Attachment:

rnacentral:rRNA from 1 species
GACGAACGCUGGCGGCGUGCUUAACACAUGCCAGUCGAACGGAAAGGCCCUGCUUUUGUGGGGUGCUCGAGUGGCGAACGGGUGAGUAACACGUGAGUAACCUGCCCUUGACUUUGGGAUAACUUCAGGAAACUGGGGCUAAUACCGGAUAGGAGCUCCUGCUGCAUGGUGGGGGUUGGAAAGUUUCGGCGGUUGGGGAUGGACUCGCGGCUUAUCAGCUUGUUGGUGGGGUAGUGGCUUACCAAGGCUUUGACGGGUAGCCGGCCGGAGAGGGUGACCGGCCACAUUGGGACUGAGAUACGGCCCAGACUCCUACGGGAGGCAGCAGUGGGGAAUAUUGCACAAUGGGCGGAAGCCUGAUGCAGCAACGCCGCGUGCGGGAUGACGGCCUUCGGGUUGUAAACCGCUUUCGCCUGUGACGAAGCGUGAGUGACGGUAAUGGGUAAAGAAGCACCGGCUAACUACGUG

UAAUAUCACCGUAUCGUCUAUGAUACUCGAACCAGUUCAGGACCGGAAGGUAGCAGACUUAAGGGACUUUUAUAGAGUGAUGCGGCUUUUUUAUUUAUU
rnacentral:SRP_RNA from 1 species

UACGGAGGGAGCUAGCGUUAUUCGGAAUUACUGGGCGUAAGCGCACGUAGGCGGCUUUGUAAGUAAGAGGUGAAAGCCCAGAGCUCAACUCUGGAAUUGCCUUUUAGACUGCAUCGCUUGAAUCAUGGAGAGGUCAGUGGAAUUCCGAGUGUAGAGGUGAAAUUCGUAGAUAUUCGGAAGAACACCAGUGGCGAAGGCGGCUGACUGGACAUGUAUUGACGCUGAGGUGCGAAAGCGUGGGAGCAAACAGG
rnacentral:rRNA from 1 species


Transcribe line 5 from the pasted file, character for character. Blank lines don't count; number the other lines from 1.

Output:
UACGGAGGGAGCUAGCGUUAUUCGGAAUUACUGGGCGUAAGCGCACGUAGGCGGCUUUGUAAGUAAGAGGUGAAAGCCCAGAGCUCAACUCUGGAAUUGCCUUUUAGACUGCAUCGCUUGAAUCAUGGAGAGGUCAGUGGAAUUCCGAGUGUAGAGGUGAAAUUCGUAGAUAUUCGGAAGAACACCAGUGGCGAAGGCGGCUGACUGGACAUGUAUUGACGCUGAGGUGCGAAAGCGUGGGAGCAAACAGG